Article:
“The shortest distance between truth and a human being is a story.” ~Anthony de Mello
Last week we talked about indie publishing, so this week let's look at the traditional route. Traditional publishing is a team sport. In addition to you as the writer, there will be a literary agent/lawyer, editors, and sales/marketing folks, all working collaboratively to get your book out to the market.
If you're a Creative Academy Member, Eileen's Happy Hours give you a chance to get your publishing questions answered. And if you're working on a query letter, don't forget we offer members a free query letter review in our Red Pencil Sessions.
Here's a look at some resources we found for you.
As we all know, lots has changed in the publishing industry in the last couple of years. But one thing stays consistent and that is the process of becoming a traditionally published author (with a few exceptions to the rule, of course. Hugh Howey, we're looking at you!). Publishing 101: What you Need to Know by Writer's Digest may be an oldie, but it's still a solid overview of the path to traditional publication.
Sure, lots of traditionally published authors go straight to small imprints without an agent, but if you've set your sights on one of the Big 5 publishers (Hachette, HarperCollins, Macmillan, Penguin RandomHouse, and Simon & Schuster), you will need an agent. Tomi Adeyemi shares her experience and thoughts of working with an agent in What It's Like to Work With An Agent.
And, a debate we hear around the Creative Academy hallways with some regularity is whether it actually makes better business sense to self-publish since traditional publishers seem to have less and less time and fewer and fewer resources to market and promote the books they publish. "If you have to do the work yourself, why not keep a bigger share of the royalties?" goes the conversation. But there are things authors can do to help their publisher do a great job for their book and in Working With Your Publisher (to Promote Your Book), author Nicola Morgan provides lots of great advice.
~ New this week ~
New on our YouTube channel
Wow. Crystal had a great conversation with international, bestselling author Jonas Saul that touches on all kinds ways to connect with readers and has a focus on BookBub as a tool. Have a watch/listen on our YouTube channel!
And while you're there, please subscribe! Once we hit a magic number we can rename our channel something a little more engaging (and memorable) than UCO34JXc5z0Tc0UjvffwUxBA. 🤨 Plus — you'll never miss a great conversation with the authors and publishing industry pros we're lining up to chat with!
~ For Creative Academy Members ~
New in our Members' Only community
Exciting news for our night owls!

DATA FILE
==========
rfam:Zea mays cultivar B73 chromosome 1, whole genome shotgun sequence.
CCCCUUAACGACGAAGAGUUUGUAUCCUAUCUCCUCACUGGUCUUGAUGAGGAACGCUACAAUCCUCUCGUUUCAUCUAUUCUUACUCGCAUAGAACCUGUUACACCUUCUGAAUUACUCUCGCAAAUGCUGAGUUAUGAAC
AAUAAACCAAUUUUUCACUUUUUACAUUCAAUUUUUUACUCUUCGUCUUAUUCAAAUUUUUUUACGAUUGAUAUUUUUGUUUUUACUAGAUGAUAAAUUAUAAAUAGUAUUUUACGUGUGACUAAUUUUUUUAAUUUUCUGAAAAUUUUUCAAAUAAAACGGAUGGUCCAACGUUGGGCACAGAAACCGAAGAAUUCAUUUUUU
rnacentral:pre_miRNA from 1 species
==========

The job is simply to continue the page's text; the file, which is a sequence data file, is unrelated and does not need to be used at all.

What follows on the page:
The Creative Academy has a new partnership with a big public library in Greater Vancouver (the Richmond Public Library, for folks who know this region). They loved our writing sprint idea so much that they will be joining us in our maybe-not-so-little-anymore Sprint Room starting on Monday, January 21 from 7:00 to 9:00 PM Pacific.
And, one of our own night owl writers waved her flag and volunteered to kick-off sprint nights on Tuesdays, Wednesday, and Thursdays from 8:00 to 9:00 PM Pacific, starting right now! Hugs and high-fives to Sharron B!
Habit tracking tutorial and downloadable spreadsheet
Back in December, Crystal created a habit-tracking spreadsheet for herself to see if it would help her hit her writing and well-being targets with more consistency. Short answer: Yup! So she's shared her spreadsheet and a little video with us. Whether you're growing a traditional or indie publishing career, her 8-minute, Build Better Habits call-to-action is time well-spent!
Office hours, writing sprints and special topic gatherings
This past week Eileen's Happy Hours included a grounding conversation about how to make sense of feedback when you're getting conflicting advice from readers — in this case agents, and a discussion about point of view, what it is and how to choose it.
In Crystal's Branding and Business Office Hours (which are way more fun that that sounds!) she tackled so many topics! Asana, MailerLite and email list onboarding, Google Analytics, OwnVoices, author logos and gave some StoryBrand homework. Find all the smarts in her Office Hours library.
And, Donna hosted a new drop-in Mastermind meeting that wasn't recorded since members preferred the freedom to be a little more vulnerable than might be comfortable if the conversation was something that could be pulled from the archives once we're all fodder for Entertainment Tonight! So drop-in next Thursday at 10:00AM Pacific, bring your wins and your mindset challenges, and walk away feeling understood and energized to keep on writing, editing, and pitching!
Not a Creative Academy member yet? Learn all you need to know to become a member here.
~ Creative Advice Prompt ~
Regardless if you're done with your manuscript, or if you're considering traditional publishing, the act of writing a query letter where you need to distill your story into the the key points in a compelling way and outline why you are best-suited to write that story is great practice for helping you focus. So write a draft of that query letter and see where it takes you!
Eileen, Crystal and Donna